Woodstock Site Plan Review
Page 15 , Number 18
Noise: the proposed development shall not raise noise levels to the extent that abutting and/or nearby residents are adversely affect.
A) The maximum permissible sound pressure level of any continuous, regular or frequent or an intermittent source of sound produced by any activity shall be limited by the time period and land use which it abuts listed below. Sound levels shall be measured at 4 feet above the ground at the property boundary of the source.
Sound pressure level limits using the sound equivalent level of one hour (leq 60 measured in dB(a) scale)
7:00 am to 10:00pm, residential 55 dB(a)
10:00pm to 7:00am residential 45 dB(a)
B) Noise shall be measured by a meter set on the A-weight response scale, fast response. The meter shall meet the American National Standards (ANSA SI-4-1961) American standard specification for general purpose sound meters.
TESTIMONY OF LEOLA BALLWEBER February 8, 2012
My name is Leola Ballweber, I live in Woodstock, Maine.The town of Woodstock Planning board used the DEP guide lines for sound, yet, approved a waiver to raise the sound levels.
The wind project was appealed at the town level, DEP level, which Warren Brown suggested a NRO for 3 turbines starting at 7pm and adding 3 more from 10pm till 7am, 6 of 10 turbines would be restricted during this time and then it was off to the BEP. After the Supreme Court case was dropped, only 20% chance in the citizen’s favor. Patriot Renewable petitioned for the NRO to be removed. My understanding is that it was granted and the NRO was removed.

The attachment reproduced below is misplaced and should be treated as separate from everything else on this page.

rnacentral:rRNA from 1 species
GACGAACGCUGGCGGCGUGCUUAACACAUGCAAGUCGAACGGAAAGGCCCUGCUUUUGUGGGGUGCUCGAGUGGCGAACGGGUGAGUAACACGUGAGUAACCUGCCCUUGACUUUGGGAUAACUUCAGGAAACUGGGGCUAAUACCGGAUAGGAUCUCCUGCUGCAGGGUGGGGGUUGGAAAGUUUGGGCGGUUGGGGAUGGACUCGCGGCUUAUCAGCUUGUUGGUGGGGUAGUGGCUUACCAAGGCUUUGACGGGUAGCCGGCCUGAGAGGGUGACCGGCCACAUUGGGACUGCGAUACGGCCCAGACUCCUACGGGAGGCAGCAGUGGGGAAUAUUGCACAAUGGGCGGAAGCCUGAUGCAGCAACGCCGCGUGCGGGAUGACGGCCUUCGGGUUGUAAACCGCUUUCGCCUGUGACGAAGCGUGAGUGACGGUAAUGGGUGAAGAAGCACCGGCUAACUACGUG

What was learned was that the state does not have regulations in place to protect the citizens from the unique infra-sound projected by industrial wind turbines.
The science is there to prove it exists, yet it is the citizens who are left to protect themselves.
The wind industry does and will not admit that these machines on top of Maine’s mountains make noise.
The sound maps that are computer generated are flawed and incorrect in these projects.
Bayroot, LLC owns land that is part of the Spruce Mount Wind Project, leases were giving. As soon as the Spruce mountain wind project began construction, Bayroot, LLC began removing timber between abutting properties and the wind project. If, the abutters had taken some consolation in the filtering of sound through the trees, it was made clear, it was not to be. Irish Family Logging Company came in and literally stripped the land. They paid the fines for their actions and continued to strip the 1000’s of acres around the Spruce Mountain Wind Project.
It is clear that the wind company, land owners of the logging properties, walk hand in hand on these wind projects.
There is no consideration for the ECHO Effect from the surrounding ridges and sound traveling down into the valleys.
It has been made clear that this is not a time for emotions. It is clear that the distress felt by the victims of these projects will not be considered.
I present to you some facts from Woodstock:
There are over 90 abutting properties to the Spruce Mountain wind project. Most of those are seasonal residents. The figures that I am submitting to you are taken from the Woodstock Map/Lot Index dated Tuesday, January 2008. I checked with the town manager and he assured me that this was the latest, up to date version.